(CN) – Federal housing officials effectively ended a stimulus program to fund energy-conservation projects without due notice, a federal judge ruled.
California, Sonoma and Placer counties, the city of Palm Desert, and the Sierra Club sued the Federal Housing Finance Agency (FHFA), the Federal National Housing Association (Fannie Mae), the Federal Loan Mortgage Corporation (Freddie Mac), and their directors in 2010.
They claimed that the agencies had discredited the Property Assessed Clean Energy (PACE) program in a series of letters to lender groups around the country, and that they had violated federal law by adopting the policy without going through the required notice and comment period.
Part of the American Recovery and Reinvestment Act of 2008, the PACE program is meant to help local governments fund energy-efficiency and renewable energy projects. Property owners that benefit from the projects pay back an up-front loan from the government through property assessments secured by a lien that takes priority over any mortgage loan.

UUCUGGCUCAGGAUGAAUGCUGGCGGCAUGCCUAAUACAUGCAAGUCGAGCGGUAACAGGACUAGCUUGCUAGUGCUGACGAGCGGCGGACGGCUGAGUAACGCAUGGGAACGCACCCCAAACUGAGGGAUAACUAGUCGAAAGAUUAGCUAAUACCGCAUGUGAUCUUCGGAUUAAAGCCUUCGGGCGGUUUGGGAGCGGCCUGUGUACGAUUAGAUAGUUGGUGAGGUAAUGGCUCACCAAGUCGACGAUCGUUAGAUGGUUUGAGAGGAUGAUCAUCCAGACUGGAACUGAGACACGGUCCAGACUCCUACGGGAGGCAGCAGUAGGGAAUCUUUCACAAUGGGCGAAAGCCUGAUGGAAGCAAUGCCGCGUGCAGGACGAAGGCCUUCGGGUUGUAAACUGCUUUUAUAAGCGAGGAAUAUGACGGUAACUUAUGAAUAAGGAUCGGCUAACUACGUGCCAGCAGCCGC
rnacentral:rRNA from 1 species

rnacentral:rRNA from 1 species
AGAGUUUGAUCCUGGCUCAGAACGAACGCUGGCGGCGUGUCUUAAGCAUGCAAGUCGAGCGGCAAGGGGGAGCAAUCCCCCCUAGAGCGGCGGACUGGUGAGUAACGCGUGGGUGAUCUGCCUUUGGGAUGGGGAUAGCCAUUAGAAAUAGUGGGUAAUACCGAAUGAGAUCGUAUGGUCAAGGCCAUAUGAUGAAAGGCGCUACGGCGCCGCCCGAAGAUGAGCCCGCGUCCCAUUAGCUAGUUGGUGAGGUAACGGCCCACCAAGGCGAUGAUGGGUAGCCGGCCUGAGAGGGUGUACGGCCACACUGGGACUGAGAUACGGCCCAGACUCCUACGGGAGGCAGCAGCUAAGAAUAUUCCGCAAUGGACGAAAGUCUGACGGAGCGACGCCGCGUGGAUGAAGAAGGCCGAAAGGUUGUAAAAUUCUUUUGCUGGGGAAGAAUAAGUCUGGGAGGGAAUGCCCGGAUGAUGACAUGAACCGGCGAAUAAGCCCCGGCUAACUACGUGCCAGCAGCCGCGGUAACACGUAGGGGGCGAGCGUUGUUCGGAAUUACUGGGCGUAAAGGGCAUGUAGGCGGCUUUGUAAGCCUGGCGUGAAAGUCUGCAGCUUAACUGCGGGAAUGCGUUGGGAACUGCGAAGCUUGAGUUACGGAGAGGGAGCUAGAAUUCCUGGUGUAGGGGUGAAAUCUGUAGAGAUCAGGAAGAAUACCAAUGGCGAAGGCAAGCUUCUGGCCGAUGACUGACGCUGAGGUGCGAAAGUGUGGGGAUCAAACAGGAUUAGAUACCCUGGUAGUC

Because PACE liens take priority over mortgage loans, the government said they make it more difficult to alienate encumbered properties, which endangers the security interests of entities that buy the mortgages as investments.
Figuring that such a structure would pose a risk to homeowners and lenders, the agencies adopted a policy not to buy mortgages involved in the program.
But before making that decision, the agencies should have gone through a notice and comment period, U.S. District Judge Claudia Wilken ruled.
“The FHFA’s directives on PACE obligations amount to substantive rule-making, not an interpretation of rules that would be exempt from the notice and comment requirement,” Wilken wrote last week in her 41-page ruling. “The notice and comment process must be followed.”
That process has been underway since January, based on a preliminary injunction granted by the same court last August. In June the FHFA issued a Notice of Proposed Rulemaking and Proposed Rule related to PACE programs, and a 90-day comment period ends in September.
Wilken declined to rule on the plaintiffs’ other claims, including that the policy is arbitrary, until that time.
She also rejected the agencies’ claim that their actions related to the PACE programs are exempt from judicial review.